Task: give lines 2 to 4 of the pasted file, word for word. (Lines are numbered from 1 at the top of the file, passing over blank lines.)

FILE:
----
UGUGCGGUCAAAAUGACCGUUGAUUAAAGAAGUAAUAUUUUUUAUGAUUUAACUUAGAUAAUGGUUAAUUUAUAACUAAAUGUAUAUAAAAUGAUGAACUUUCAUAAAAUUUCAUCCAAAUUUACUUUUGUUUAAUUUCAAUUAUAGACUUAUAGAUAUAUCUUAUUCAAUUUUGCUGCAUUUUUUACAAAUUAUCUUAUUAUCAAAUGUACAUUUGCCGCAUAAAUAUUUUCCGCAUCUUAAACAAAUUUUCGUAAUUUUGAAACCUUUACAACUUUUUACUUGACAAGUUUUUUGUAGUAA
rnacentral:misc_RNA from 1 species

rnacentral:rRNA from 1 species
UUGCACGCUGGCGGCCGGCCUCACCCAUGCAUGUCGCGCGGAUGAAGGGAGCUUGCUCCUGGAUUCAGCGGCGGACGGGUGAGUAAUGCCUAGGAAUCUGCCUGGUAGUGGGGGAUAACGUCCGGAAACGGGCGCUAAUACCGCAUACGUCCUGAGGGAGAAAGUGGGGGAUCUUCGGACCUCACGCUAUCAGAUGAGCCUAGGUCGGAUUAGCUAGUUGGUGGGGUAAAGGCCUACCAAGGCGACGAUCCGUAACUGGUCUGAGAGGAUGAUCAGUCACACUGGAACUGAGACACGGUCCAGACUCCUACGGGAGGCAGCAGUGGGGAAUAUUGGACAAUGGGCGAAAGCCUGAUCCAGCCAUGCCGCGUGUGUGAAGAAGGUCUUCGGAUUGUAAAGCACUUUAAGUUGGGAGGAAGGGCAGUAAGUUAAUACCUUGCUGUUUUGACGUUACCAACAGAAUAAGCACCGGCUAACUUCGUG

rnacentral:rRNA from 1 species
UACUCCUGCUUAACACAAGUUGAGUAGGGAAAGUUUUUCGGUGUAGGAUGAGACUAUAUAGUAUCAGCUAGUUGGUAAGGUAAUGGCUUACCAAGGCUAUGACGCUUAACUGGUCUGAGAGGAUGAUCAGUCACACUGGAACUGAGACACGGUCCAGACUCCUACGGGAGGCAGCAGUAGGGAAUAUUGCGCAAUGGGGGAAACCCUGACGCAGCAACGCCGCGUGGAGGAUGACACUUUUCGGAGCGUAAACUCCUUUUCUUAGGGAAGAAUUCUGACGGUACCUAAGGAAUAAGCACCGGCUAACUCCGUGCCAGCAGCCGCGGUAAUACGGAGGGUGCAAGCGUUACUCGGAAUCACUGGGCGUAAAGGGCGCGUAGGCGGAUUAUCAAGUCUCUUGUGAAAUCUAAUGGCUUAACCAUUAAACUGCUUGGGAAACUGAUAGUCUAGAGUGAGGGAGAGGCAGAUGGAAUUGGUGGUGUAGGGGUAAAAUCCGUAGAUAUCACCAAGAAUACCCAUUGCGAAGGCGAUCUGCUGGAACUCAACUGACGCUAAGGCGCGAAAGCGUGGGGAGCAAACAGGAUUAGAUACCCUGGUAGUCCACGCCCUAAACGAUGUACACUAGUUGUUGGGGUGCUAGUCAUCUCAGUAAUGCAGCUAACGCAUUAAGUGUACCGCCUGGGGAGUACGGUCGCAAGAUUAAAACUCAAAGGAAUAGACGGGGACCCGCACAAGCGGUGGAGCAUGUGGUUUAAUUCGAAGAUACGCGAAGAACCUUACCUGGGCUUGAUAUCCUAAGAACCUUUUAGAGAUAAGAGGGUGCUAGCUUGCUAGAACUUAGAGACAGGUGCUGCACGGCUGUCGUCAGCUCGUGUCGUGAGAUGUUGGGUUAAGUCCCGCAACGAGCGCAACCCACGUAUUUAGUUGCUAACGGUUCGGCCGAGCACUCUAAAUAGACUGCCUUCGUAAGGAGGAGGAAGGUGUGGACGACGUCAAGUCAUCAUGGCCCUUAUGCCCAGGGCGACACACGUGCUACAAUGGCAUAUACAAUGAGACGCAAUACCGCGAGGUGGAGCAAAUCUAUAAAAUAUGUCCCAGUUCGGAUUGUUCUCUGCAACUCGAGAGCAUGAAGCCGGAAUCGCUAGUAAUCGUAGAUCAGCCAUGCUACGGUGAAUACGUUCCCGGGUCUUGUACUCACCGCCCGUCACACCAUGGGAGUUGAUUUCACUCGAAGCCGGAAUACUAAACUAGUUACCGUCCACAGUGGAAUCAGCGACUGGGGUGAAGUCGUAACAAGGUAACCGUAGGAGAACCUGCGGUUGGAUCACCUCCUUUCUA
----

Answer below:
rnacentral:misc_RNA from 1 species

rnacentral:rRNA from 1 species
UUGCACGCUGGCGGCCGGCCUCACCCAUGCAUGUCGCGCGGAUGAAGGGAGCUUGCUCCUGGAUUCAGCGGCGGACGGGUGAGUAAUGCCUAGGAAUCUGCCUGGUAGUGGGGGAUAACGUCCGGAAACGGGCGCUAAUACCGCAUACGUCCUGAGGGAGAAAGUGGGGGAUCUUCGGACCUCACGCUAUCAGAUGAGCCUAGGUCGGAUUAGCUAGUUGGUGGGGUAAAGGCCUACCAAGGCGACGAUCCGUAACUGGUCUGAGAGGAUGAUCAGUCACACUGGAACUGAGACACGGUCCAGACUCCUACGGGAGGCAGCAGUGGGGAAUAUUGGACAAUGGGCGAAAGCCUGAUCCAGCCAUGCCGCGUGUGUGAAGAAGGUCUUCGGAUUGUAAAGCACUUUAAGUUGGGAGGAAGGGCAGUAAGUUAAUACCUUGCUGUUUUGACGUUACCAACAGAAUAAGCACCGGCUAACUUCGUG